CONTACT & CONFLICT
The Pontiac Rebellion 1763

After the British defeated the French, and Britain claimed control over all French lands in North America, the coming of the British administration caused a huge rupture in the relationship between whites and First Nations peoples in the Great Lakes part of North America.

The Algonquian-speaking First Peoples who lived here had been allies and trading partners of the French. They called themselves the Anishinaabe. The French and English called them the Hurons and Neutrals.

The Indians had liked the French; they married into the local tribal community; they were interested mostly in trading, not in bringing in settlers and taking over the land; they would pay yearly tribute in goods and gifts. They were reliable in bringing in trading goods at a decent price.

All that changed when the French (who had been defeated by the British) had to abandon their trading posts on the Great Lakes to the English.

The English upset the First Nations people, because:

  • they cut off the annual tribute of gifts and trade goods which people had come to rely on

  • they jumped up the price on new trade goods

  • they frowned on mixing with, or marrying into, the native community

  • they were intent on bringing in settlers, not traders, to occupy the new lands

  • there was also a new harshness in the manner that accompanied the new Governor-General to North America, Sir Jeffrey Amherst, who actually pronounced that extermination of the indigenous population was the best policy.

Written contemporary accounts even support the view that he ordered the distribution of small pox infected blankets among the Indian population.

Alexander Henry, a merchant from Montreal, was the first Englishman to venture into the Upper Great lakes region after the French forts were abandoned, and detected the growing anger among the Indians. The Anisinaabeg told him neither he, nor the English had jurisdiction over the forts or the lands abandoned by the French.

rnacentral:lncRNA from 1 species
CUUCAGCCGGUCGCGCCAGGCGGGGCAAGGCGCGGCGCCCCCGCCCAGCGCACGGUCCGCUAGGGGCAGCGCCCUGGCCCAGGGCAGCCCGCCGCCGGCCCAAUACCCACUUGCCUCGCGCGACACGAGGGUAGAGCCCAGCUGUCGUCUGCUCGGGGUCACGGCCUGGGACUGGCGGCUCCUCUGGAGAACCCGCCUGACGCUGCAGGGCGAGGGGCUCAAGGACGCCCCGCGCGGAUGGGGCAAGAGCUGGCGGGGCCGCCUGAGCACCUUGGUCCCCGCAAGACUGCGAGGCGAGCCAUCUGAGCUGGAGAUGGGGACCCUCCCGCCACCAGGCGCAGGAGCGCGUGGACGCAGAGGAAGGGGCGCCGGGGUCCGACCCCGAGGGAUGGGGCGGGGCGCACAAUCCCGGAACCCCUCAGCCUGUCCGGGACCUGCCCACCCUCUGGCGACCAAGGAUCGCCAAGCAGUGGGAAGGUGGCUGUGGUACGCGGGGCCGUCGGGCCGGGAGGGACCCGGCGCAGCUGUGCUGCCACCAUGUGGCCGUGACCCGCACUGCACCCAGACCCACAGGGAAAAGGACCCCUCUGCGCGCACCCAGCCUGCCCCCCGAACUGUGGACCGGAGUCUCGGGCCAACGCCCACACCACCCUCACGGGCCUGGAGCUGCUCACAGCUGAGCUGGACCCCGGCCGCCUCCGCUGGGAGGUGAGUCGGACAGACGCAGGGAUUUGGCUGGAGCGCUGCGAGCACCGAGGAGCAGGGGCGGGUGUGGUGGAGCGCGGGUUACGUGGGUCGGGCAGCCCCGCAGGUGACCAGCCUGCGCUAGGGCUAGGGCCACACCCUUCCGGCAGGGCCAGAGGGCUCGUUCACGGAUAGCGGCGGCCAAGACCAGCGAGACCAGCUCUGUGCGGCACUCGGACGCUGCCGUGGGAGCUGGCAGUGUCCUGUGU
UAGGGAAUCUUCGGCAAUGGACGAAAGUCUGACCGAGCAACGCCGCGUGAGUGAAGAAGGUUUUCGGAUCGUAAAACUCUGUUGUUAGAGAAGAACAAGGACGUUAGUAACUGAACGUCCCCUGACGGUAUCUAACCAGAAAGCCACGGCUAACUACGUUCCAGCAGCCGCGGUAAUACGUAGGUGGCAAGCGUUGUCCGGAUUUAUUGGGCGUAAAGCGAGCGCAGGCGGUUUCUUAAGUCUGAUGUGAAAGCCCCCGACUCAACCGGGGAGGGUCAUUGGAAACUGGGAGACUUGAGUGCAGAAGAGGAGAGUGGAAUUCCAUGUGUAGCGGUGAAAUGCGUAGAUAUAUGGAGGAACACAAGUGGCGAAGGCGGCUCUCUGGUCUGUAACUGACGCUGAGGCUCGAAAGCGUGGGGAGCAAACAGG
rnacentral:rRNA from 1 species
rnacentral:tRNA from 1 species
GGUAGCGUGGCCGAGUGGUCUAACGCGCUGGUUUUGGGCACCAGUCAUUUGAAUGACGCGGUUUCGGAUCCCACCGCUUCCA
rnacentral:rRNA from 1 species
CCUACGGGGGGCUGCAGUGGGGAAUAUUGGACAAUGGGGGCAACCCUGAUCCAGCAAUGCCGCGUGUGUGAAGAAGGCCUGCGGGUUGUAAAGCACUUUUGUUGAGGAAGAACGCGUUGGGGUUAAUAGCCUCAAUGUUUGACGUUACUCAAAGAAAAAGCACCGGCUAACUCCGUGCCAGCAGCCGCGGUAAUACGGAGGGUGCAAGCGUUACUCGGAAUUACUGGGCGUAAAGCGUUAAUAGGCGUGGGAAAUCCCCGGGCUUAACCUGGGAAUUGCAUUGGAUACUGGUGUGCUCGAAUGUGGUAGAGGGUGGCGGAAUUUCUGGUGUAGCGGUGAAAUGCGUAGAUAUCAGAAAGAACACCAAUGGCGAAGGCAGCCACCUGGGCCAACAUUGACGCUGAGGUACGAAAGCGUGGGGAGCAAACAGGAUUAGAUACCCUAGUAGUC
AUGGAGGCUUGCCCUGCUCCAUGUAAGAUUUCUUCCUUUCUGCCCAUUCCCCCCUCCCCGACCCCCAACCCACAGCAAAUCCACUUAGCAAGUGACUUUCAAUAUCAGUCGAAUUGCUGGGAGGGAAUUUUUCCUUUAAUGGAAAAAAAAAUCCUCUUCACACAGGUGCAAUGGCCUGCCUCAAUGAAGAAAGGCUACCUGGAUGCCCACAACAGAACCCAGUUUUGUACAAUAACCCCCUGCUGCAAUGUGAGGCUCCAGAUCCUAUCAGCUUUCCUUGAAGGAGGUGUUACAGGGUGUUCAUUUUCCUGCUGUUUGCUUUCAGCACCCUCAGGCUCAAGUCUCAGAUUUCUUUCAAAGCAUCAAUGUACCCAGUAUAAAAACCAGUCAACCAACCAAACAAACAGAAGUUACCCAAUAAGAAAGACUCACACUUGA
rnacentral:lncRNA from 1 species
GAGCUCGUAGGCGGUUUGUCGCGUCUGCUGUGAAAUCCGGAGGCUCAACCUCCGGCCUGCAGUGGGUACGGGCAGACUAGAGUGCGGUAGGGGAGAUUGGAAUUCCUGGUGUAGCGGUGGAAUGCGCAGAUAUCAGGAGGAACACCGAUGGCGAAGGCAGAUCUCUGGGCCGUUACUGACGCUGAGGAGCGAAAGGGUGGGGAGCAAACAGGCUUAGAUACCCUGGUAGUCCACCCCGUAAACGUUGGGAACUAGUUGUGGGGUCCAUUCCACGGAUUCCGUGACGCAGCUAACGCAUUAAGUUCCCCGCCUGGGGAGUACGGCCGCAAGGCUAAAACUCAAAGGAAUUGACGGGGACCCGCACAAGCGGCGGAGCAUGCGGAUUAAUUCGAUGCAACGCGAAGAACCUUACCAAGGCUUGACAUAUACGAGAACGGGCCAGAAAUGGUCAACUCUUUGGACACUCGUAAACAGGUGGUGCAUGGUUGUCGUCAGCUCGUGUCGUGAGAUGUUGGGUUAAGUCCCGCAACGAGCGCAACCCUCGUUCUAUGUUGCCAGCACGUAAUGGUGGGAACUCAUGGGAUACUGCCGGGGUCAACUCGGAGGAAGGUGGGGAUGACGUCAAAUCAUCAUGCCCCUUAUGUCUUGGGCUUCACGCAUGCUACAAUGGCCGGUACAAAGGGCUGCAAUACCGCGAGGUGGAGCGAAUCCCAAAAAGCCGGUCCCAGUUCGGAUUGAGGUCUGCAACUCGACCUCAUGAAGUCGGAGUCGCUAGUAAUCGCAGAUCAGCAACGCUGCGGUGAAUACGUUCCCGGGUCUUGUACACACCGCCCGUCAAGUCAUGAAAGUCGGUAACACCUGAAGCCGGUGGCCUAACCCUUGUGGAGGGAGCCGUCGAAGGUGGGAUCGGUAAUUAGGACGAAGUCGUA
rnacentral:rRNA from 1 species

The rapidly deteriorating situation was harnessed by Chief Pontiac, right a leader of the Ottawa tribe who mobilized the widespread anger among the tribes to launch a rebellion and take back the forts and expel British influence over Indian lands around the Great Lakes.

In the spring of 1763, Pontiac' warriors simultaneously attacked forts around Lakes Erie and Huron, and captured eight posts.

Pontiac put Detroit under siege for over a year. It led to bloody battles as British units tried to put down the uprising and recapture the forts.

But with the coming of winter, the tribesmen drifted off to their hunting grounds; they had to feed their families. The revolt fizzled out over the next year.


NEOMANNI
Painter - Charles Bird King 1837

KISHKALLOWA
Painter - Charles Bird King 1837

APPANOOSE
Painter - Charles Bird King 1837
 
The Treaty of Niagara, 1764 Mystery Man!

In July, 1764, Sir William Johnson met for several days with more that 1500 Anishnaabeg chiefs and warriors at Niagara Falls.  The result - an alliance of friendship between the Anisinaabeg and the British, sealed by the delivery of 2 wampum belts.

Sir William Johnson assured them he was not interested in stealing their land. 

"My children, I clothe your land, you see that Wampum before me, the body of my words, in this the spirit of my words shall remain, it shall never be removed, this will be your Mat the eastern Corner of which I myself will occupy, the Indians being my adopted children their life shall never sink in poverty." (the mat refers to the country of the Anisinaabe)  (Darlene Johnson p. 14)

The 24 Nations belt represents the 24 Anishinaabeg nations pulling a boat laden with presents across the ocean to supply the nations with the necessities of life.

The two Treaty of Niagara belts, and the promises they represent, are the basis of the British Anishnaabe Treaty Alliance.

Another treaty was signed at Detroit the same year, with the totemic marks of several chiefs.

The American Revolution a few years later wiped out the British promise to reserve American lands, but in Canada, the Proclamation became the basis of the treaty process.

Another portrait of Chief Pontiac. Compare this one with the earlier one in headdress. Are these the same man?

Portraits of famous Indians of the 18th and early 19th century are hard to authenticate. Tecumseh is another chief of which an authentic portrait cannot be verified with absolute certainty.

Which is why we should be grateful to George Catlin, Paul Kane, and Charles Bird King for having provided authentic portraits of First Peoples some 150 years ago.

   
   
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Copyright Goldi Productions Ltd. 2007